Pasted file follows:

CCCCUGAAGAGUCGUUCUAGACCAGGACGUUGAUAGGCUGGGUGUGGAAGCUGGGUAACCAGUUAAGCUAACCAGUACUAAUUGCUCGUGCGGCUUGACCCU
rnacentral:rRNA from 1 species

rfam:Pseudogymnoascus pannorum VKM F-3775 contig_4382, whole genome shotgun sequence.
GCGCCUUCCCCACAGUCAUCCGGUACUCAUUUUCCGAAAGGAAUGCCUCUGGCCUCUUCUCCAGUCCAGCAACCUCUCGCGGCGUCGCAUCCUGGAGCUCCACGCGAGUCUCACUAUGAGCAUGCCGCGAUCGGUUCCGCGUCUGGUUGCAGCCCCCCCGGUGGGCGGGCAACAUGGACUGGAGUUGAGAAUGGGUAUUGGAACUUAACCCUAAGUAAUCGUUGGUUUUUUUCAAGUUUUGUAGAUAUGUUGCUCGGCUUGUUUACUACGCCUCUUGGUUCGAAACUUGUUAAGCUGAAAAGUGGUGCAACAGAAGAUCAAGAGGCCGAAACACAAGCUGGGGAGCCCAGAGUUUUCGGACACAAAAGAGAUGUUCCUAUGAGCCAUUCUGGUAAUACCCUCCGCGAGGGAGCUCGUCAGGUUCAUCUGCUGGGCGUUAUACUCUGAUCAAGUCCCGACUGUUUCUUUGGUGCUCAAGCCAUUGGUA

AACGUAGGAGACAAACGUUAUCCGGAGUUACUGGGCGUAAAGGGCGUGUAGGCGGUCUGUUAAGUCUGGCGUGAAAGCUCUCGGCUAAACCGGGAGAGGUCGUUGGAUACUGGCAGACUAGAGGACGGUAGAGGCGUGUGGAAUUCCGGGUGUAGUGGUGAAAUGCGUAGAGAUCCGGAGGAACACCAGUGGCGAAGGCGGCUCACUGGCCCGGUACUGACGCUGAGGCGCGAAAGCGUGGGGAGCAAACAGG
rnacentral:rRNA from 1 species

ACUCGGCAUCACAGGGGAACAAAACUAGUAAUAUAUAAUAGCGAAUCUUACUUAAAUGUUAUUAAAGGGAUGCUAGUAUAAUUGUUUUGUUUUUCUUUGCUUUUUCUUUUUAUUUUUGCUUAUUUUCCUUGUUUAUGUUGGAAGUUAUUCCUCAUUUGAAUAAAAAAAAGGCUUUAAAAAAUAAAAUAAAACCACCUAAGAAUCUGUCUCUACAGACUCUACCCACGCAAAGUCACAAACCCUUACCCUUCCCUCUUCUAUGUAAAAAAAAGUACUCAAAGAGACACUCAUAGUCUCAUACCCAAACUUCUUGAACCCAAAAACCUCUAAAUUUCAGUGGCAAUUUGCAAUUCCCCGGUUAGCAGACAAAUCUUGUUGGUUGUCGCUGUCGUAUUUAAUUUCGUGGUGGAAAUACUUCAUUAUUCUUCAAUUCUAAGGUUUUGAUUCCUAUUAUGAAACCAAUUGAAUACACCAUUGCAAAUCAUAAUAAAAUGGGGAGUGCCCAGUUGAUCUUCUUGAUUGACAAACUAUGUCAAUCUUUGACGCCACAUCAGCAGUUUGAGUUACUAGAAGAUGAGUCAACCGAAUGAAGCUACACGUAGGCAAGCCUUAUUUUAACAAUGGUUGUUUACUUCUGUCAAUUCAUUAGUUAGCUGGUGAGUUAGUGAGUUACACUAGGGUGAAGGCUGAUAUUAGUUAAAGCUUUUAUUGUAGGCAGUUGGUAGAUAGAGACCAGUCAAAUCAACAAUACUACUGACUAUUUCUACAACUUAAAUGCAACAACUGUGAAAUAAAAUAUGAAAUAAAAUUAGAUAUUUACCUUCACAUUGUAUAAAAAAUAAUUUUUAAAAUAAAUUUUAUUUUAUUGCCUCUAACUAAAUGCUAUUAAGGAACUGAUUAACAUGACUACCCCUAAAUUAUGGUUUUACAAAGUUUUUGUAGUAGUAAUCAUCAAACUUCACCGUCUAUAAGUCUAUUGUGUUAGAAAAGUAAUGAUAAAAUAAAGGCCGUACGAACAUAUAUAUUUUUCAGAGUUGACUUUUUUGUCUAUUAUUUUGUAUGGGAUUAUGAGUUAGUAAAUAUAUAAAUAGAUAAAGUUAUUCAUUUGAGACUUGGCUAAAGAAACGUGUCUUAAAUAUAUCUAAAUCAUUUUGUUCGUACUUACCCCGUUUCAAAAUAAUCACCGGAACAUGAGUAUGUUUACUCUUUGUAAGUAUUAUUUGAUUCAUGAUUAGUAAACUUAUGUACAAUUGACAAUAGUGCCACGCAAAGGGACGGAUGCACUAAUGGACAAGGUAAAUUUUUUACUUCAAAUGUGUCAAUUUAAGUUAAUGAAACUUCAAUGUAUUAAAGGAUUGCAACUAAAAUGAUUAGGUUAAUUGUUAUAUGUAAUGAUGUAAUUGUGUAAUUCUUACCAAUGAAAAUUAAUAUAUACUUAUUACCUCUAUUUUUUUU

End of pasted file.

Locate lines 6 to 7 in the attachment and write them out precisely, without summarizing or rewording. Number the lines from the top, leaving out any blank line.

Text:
rnacentral:rRNA from 1 species

ACUCGGCAUCACAGGGGAACAAAACUAGUAAUAUAUAAUAGCGAAUCUUACUUAAAUGUUAUUAAAGGGAUGCUAGUAUAAUUGUUUUGUUUUUCUUUGCUUUUUCUUUUUAUUUUUGCUUAUUUUCCUUGUUUAUGUUGGAAGUUAUUCCUCAUUUGAAUAAAAAAAAGGCUUUAAAAAAUAAAAUAAAACCACCUAAGAAUCUGUCUCUACAGACUCUACCCACGCAAAGUCACAAACCCUUACCCUUCCCUCUUCUAUGUAAAAAAAAGUACUCAAAGAGACACUCAUAGUCUCAUACCCAAACUUCUUGAACCCAAAAACCUCUAAAUUUCAGUGGCAAUUUGCAAUUCCCCGGUUAGCAGACAAAUCUUGUUGGUUGUCGCUGUCGUAUUUAAUUUCGUGGUGGAAAUACUUCAUUAUUCUUCAAUUCUAAGGUUUUGAUUCCUAUUAUGAAACCAAUUGAAUACACCAUUGCAAAUCAUAAUAAAAUGGGGAGUGCCCAGUUGAUCUUCUUGAUUGACAAACUAUGUCAAUCUUUGACGCCACAUCAGCAGUUUGAGUUACUAGAAGAUGAGUCAACCGAAUGAAGCUACACGUAGGCAAGCCUUAUUUUAACAAUGGUUGUUUACUUCUGUCAAUUCAUUAGUUAGCUGGUGAGUUAGUGAGUUACACUAGGGUGAAGGCUGAUAUUAGUUAAAGCUUUUAUUGUAGGCAGUUGGUAGAUAGAGACCAGUCAAAUCAACAAUACUACUGACUAUUUCUACAACUUAAAUGCAACAACUGUGAAAUAAAAUAUGAAAUAAAAUUAGAUAUUUACCUUCACAUUGUAUAAAAAAUAAUUUUUAAAAUAAAUUUUAUUUUAUUGCCUCUAACUAAAUGCUAUUAAGGAACUGAUUAACAUGACUACCCCUAAAUUAUGGUUUUACAAAGUUUUUGUAGUAGUAAUCAUCAAACUUCACCGUCUAUAAGUCUAUUGUGUUAGAAAAGUAAUGAUAAAAUAAAGGCCGUACGAACAUAUAUAUUUUUCAGAGUUGACUUUUUUGUCUAUUAUUUUGUAUGGGAUUAUGAGUUAGUAAAUAUAUAAAUAGAUAAAGUUAUUCAUUUGAGACUUGGCUAAAGAAACGUGUCUUAAAUAUAUCUAAAUCAUUUUGUUCGUACUUACCCCGUUUCAAAAUAAUCACCGGAACAUGAGUAUGUUUACUCUUUGUAAGUAUUAUUUGAUUCAUGAUUAGUAAACUUAUGUACAAUUGACAAUAGUGCCACGCAAAGGGACGGAUGCACUAAUGGACAAGGUAAAUUUUUUACUUCAAAUGUGUCAAUUUAAGUUAAUGAAACUUCAAUGUAUUAAAGGAUUGCAACUAAAAUGAUUAGGUUAAUUGUUAUAUGUAAUGAUGUAAUUGUGUAAUUCUUACCAAUGAAAAUUAAUAUAUACUUAUUACCUCUAUUUUUUUU